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It may be possible to replace one of the polygons by one with a different number of sides mod 4 and still have an orthogonal projection. However, you will need to find four points on the perimeter of the new polygon that not only form a square, but such that the opposite vertices "are seen from both sides", meaning a certain bounding hyperplane of the polygon contains a vertex of the square and is parallel to a diagonal of the square. I suspect any other solutions will be not orthogonal projections or necessarily off center or both. Gerhard "Ask Me About System Design" Paseman, 2011.08.23 –  Gerhard Paseman Aug 23 '11 at 22:15
    
Also, I was inspired by the 'trip-lets' on the cover of Hofstadters GEB book. I used a bandsaw and other tools to make custom versions for my parents and for a few others. I suspect that one can use a slight distortion of similarly sized shapes for the three orthogonal projections. Using exact shapes will often entail an off-center placement or a slight skew from orthogonal arrangement. Gerhard "Ask Me About Wood Shaping" Paseman, 2011.08.23 –  Gerhard Paseman Aug 24 '11 at 3:24
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I've decided to expand my comments into a challenge. Hopefully those with the skills and interest will take it up and provide some definite answers for Joseph.

Take two polygons (with two distinct numbers of sides) T and S. For me it is helpful to think of T as a square and S as a triangle, but you are welcome to choose your two favorite polygons. Consider normal vectors in R^3 to each of these objects, and set the normal of S to be part of the z-axis. Compute the set of all vectors v in P(S,T) such that if the normal of T has the same direction as v, the intersection of the two cylinders induced by S and T and the normals is a set that has the desired shadows as indicated by the normals.

I claim (by intuition and without proof) that the set P(S,T) is (after a suitable normalization) bounded and bounded away from the normal of S. Even the generalization where the normals do not share a basepoint and all orientations of T are considered, even that set is bounded and bounded away from the normal of S.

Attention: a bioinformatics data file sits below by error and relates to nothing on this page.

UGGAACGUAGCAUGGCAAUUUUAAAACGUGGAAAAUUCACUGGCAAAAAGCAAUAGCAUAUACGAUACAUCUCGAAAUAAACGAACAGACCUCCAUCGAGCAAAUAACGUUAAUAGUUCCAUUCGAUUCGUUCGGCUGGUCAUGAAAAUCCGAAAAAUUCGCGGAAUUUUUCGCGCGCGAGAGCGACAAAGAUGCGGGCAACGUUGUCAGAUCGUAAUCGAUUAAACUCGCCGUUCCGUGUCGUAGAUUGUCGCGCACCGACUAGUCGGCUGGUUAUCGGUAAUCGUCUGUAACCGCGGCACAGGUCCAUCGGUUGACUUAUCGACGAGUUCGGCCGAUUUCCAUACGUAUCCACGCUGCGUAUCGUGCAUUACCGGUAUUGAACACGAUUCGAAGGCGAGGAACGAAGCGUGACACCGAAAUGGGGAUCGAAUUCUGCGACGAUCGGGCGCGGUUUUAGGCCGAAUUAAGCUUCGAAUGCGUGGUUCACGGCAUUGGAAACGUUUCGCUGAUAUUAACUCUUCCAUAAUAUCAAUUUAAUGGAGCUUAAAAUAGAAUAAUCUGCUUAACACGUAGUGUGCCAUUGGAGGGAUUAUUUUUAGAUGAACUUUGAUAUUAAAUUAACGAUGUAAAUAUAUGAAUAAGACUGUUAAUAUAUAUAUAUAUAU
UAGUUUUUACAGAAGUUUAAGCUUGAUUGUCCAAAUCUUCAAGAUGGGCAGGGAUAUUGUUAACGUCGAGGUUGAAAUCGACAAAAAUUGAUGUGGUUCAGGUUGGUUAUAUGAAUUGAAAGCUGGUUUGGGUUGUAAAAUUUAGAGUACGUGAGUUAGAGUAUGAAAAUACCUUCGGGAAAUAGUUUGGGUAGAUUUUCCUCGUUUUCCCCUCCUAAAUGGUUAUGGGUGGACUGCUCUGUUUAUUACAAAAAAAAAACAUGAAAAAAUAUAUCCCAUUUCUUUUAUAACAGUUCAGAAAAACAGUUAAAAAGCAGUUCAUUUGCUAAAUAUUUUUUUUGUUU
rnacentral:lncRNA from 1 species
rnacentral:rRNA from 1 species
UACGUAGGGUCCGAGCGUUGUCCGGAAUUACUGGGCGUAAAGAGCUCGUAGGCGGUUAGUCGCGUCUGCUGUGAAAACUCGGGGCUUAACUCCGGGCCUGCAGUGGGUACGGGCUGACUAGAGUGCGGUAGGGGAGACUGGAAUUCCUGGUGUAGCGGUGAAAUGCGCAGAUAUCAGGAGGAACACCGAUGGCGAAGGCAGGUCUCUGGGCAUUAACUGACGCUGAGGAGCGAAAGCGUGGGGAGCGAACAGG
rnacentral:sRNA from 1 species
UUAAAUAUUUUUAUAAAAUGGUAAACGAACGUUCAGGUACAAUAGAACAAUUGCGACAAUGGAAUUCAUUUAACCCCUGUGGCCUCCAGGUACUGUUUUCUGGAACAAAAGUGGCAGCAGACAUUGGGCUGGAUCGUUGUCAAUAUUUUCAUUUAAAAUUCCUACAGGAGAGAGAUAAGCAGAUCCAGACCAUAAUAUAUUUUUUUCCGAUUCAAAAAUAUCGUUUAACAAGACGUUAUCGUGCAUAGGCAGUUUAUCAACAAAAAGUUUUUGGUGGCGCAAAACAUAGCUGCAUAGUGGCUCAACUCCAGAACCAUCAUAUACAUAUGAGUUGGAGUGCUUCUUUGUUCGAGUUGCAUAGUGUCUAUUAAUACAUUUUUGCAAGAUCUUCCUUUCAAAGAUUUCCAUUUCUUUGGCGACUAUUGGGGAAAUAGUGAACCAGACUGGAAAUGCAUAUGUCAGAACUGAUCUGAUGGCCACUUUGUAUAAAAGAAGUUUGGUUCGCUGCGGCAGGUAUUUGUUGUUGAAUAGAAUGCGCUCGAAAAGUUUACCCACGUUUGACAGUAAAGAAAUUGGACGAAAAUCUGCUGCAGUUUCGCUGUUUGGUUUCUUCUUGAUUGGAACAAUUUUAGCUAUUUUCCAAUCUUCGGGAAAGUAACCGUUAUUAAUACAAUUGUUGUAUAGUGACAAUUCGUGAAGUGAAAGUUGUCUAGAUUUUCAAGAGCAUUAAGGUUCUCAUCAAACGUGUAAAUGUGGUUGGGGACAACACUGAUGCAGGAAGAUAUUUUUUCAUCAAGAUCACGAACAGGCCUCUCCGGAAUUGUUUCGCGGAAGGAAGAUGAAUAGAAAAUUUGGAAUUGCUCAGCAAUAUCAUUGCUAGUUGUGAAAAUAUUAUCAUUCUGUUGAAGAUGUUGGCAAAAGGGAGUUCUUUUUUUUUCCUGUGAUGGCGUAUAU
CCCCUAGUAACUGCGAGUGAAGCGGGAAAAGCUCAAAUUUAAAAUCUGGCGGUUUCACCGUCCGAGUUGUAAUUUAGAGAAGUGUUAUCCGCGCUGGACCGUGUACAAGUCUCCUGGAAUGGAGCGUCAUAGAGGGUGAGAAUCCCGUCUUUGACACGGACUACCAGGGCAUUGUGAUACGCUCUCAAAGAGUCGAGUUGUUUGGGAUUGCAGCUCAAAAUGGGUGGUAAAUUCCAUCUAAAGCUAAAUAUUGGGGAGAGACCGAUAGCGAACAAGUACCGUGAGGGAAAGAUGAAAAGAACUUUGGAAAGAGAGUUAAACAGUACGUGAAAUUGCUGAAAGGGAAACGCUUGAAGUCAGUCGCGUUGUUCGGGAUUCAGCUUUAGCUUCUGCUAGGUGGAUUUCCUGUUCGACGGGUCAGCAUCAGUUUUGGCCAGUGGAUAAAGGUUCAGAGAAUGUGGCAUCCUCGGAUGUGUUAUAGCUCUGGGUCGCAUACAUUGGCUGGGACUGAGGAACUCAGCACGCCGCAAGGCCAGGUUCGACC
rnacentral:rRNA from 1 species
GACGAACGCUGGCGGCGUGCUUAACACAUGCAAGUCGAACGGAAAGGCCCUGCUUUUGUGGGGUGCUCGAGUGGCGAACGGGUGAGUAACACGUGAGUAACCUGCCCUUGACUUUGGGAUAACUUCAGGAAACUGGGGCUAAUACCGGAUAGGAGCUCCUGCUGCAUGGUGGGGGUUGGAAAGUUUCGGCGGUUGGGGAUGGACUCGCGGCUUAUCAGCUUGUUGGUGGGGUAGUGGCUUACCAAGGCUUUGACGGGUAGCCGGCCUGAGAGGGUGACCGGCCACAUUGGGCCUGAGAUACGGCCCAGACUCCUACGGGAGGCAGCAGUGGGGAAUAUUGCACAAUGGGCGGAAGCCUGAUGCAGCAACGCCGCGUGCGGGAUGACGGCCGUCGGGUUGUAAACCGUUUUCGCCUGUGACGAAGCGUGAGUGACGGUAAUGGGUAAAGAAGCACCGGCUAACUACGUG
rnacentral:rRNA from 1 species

The idea now is that one can define a disk on a sphere through whose center passes the normal of S, and serves as a guarantee that the shadow of T will not be found by orienting the normal of T to pass through the disk.

My belief is that these disks are large enough to allow an estimate that looks like "If S (where now S is the finite set of integers in Joseph's post) has n+3 numbers less than n^2 , The polygons of S cannot all be realized by a single connected convex polytope in R^3".

The challenge is to compute the size of these disks for many pairs S and T.

Gerhard "Ask Me About System Design" Paseman, 2011.08.23

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"For me it is helpful to think of $T$ as a square and $S$ as a triangle." For me it is helpful to think of $S$ as a _S_quare and $T$ as a _T_riangle! Sorry, Gerhard, I couldn't resist! :-) Your intuition coincides with mine. I do believe your sketch can be expanded to a proof. Great insight! –  Joseph O'Rourke Aug 24 '11 at 0:40
    
Good. It's nice to know someone takes care in reading my posts. An additional intuition is that the disk will be much larger for consecutive integers than for integers of the same parity. I hope you or someone else will take up some form of this challenge. Gerhard "Dyslexics of the World, Untie!" Paseman, 2011.08.23 –  Gerhard Paseman Aug 24 '11 at 2:04